Strawberry growers in Nova Scotia are waiting for laboratory test results that could determine whether they have a future in the industry.
A lab in British Columbia is testing plants for a pair of viruses found in Nova Scotia that devastated crops in both Canada and the United States last year. Approximately half of Nova Scotia’s plants were destroyed in the early crop this summer.
The viruses are spread by an aphid, which went undetected by a provincial government certification program.
The problem was spread to Florida, when Nova Scotia nursery growers sent plants for farmers in the state to grow during the winter. Some fields experienced a 90 per cent collapse.
Ted Campbell, executive director of the Florida Strawberry Growers Association, said diseased plants from Nova Scotia caused millions of dollars in damage in the sunshine state.
Last year, Charles Keddy shipped 20 million strawberry plants from his Annapolis Valley farm to berry growers across Canada and the United States.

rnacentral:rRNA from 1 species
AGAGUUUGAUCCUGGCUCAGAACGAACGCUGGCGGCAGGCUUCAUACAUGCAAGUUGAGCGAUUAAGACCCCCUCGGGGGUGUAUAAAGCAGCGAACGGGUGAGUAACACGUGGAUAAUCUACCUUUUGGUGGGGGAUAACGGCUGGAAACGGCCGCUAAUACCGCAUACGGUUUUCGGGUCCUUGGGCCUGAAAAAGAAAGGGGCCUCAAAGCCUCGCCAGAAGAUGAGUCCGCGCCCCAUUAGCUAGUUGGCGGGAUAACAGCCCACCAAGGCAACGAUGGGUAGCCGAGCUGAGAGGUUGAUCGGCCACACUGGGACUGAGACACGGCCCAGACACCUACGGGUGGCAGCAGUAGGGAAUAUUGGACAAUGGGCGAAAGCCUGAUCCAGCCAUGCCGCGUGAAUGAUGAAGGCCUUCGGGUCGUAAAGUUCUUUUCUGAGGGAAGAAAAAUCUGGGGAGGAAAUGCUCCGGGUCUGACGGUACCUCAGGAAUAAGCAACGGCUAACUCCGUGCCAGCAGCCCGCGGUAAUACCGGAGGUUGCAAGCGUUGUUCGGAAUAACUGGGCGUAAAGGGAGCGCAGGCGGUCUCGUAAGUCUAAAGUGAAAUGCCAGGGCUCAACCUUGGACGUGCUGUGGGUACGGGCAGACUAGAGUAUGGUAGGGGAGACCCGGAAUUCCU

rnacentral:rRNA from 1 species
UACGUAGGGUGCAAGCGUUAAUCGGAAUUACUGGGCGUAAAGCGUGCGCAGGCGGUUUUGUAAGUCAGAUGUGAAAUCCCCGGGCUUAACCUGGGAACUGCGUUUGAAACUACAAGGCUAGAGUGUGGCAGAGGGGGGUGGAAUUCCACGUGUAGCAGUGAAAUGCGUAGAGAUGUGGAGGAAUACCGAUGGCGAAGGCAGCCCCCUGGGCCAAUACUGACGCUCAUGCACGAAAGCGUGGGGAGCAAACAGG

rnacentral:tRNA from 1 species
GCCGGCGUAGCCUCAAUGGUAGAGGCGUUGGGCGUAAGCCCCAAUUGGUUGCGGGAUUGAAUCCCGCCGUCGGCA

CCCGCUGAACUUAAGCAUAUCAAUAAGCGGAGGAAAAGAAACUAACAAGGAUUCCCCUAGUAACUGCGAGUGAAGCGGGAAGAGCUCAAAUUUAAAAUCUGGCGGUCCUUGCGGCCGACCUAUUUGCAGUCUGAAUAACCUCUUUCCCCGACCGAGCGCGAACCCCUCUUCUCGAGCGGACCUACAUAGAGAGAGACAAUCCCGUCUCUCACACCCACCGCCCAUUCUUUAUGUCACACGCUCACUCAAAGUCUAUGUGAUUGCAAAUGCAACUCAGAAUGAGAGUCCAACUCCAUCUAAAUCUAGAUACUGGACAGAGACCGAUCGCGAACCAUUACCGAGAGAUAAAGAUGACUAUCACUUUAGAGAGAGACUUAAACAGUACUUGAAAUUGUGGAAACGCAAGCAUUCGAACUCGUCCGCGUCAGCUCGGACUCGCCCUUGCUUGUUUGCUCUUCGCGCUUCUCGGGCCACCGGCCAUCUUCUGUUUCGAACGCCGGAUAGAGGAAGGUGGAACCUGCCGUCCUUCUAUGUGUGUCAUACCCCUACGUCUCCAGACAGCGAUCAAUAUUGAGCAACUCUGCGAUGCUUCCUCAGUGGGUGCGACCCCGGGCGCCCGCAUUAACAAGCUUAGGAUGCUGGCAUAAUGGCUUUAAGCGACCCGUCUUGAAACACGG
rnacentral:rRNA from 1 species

There was no virus reported in his plants, but despite that, this year orders for his fall export crop are down.
"We certainly have reduced orders for this year because the customers in Florida are on edge," he said.
Keddy said he’s taken every possible measure to protect his fields from the viruses. Even though his fields remain healthy, Keddy said the testing underway will determine his livelihood.
"If they come back in a negative way, I would not be able to ship plants," he said.
The test results are expected within the next week.
Keddy said in the meantime, the provincial government has not done enough to help farmers devastated by the virus. He said the government should have helped plow down infected fields. Keddy believes some infected fields that should have been plowed down continue to be a home for the disease.
In August, the Nova Scotia government announced it would provide up to $2 million in loans to help farmers. Some farmers were critical of the announcement, saying that was far to little to make a difference.